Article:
We were fortunate enough to hear from Greig Brebner, founder and design director of BLUNT Umbrellas. The journey that Greig and BLUNT had been on was fascinating but the part of the journey that stood out most was what was yet to come: Their journey into new overseas markets.
Brebner described their strategy as a ‘village approach’ - and he meant the words quite literally.
The Village approach is customer-led. You begin with research to find out who loves your product and why, then rather than taking this information and trying to convince the masses to feel the same way, you literally find a village or small community of people who share these values and you start there.
For BLUNT, this might mean entering the UK market through quaint villages who, yes, experience rainfall, but mostly, who are likely to have an emotional response to the brand similar to that which BLUNT receives in New Zealand. I don’t know about you, but when I see someone with a BLUNT umbrella I assume they are just having the best rainy day ever because they must feel cool as hell with one of those bad boys sheltering them. I would describe this as wonderment. So BLUNT might take their research and use it to find villages in the UK with similar attitudes as say, Parnell in Auckland.
The idea then is that the brand can precisely target the people who will love them the most (rather than trying to stuff as many customers into their marketing funnel as possible) then create a two-way dialogue with this small group to get it right with the people who matter most. The result is a small but very valuable segment of the market coming to love your brand and going on to spread that love outwards through brand advocacy.
The village approach is certainly not a new idea and as far as marketing is concerned what I’m describing is just cost-effective segmentation, targeting, positioning. Where I see the value in the ‘Village approach’ is for start-ups, entrepreneurs - people with small ideas who want to find out if they could be something more.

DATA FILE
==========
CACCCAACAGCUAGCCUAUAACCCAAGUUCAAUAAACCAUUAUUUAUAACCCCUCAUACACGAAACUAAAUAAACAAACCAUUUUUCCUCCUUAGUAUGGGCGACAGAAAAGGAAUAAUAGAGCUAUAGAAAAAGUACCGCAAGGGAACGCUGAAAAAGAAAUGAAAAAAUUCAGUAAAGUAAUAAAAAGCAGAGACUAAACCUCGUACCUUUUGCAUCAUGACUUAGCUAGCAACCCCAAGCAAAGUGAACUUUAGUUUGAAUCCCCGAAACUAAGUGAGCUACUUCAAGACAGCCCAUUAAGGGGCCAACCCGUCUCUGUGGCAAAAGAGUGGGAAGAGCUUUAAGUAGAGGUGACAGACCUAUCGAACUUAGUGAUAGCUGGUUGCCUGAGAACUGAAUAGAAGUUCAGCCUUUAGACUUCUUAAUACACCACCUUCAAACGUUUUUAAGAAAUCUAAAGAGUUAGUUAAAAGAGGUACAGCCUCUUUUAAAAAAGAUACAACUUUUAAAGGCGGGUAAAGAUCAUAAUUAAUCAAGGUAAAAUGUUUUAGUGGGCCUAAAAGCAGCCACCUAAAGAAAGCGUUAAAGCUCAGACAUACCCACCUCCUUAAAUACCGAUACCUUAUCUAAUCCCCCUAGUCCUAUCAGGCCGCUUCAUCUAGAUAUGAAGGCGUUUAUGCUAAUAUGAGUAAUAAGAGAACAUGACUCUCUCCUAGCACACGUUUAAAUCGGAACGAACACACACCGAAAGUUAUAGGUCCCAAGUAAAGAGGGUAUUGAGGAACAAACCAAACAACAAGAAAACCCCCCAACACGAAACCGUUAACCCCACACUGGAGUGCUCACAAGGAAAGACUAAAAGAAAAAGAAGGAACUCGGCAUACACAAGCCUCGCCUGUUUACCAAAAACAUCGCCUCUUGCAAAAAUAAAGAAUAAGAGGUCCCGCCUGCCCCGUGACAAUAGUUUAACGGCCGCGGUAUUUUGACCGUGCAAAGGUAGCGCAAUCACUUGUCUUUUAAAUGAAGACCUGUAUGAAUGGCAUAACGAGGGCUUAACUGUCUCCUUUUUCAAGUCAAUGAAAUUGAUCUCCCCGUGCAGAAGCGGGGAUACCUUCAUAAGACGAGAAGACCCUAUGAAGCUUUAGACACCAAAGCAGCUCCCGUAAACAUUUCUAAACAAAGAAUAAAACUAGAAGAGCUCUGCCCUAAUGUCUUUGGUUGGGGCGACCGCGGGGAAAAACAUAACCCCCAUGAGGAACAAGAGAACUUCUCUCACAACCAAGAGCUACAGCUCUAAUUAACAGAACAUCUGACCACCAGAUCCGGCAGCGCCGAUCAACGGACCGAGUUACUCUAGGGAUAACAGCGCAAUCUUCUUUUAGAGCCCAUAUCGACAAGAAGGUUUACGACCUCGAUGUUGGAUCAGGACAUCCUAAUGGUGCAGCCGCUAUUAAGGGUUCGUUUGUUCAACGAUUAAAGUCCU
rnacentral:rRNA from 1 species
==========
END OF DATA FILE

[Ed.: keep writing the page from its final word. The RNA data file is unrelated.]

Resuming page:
Why? Because from the very, very beginning the customer is put first. And ‘the customer’ is a pretty daunting force when you’re starting up. The fear of failing before you even begin, the pressure to make a great first impression, the need to be liked, the longing for validation that your idea is good. How might a start-up or entrepreneur overcome such blockers to success?
The answer might seem to be in your offering, but as the village approach suggests, the answer is in the customer themselves. So rather than trying to get your offering as perfect as possible before introducing it to the customer (so as to avoid the scary things above), the village approach calls for co-designing the offering with your customer from the get-go.
By taking a village approach to starting-up, you’re market-oriented from the very beginning, you relieve the pressure of perfection, you can find your niche and give them something they don’t just want but love, and you include customers in the creation of something new - wouldn’t you feel special if more brands did that?
And wouldn’t you then want to tell the whole world about it?
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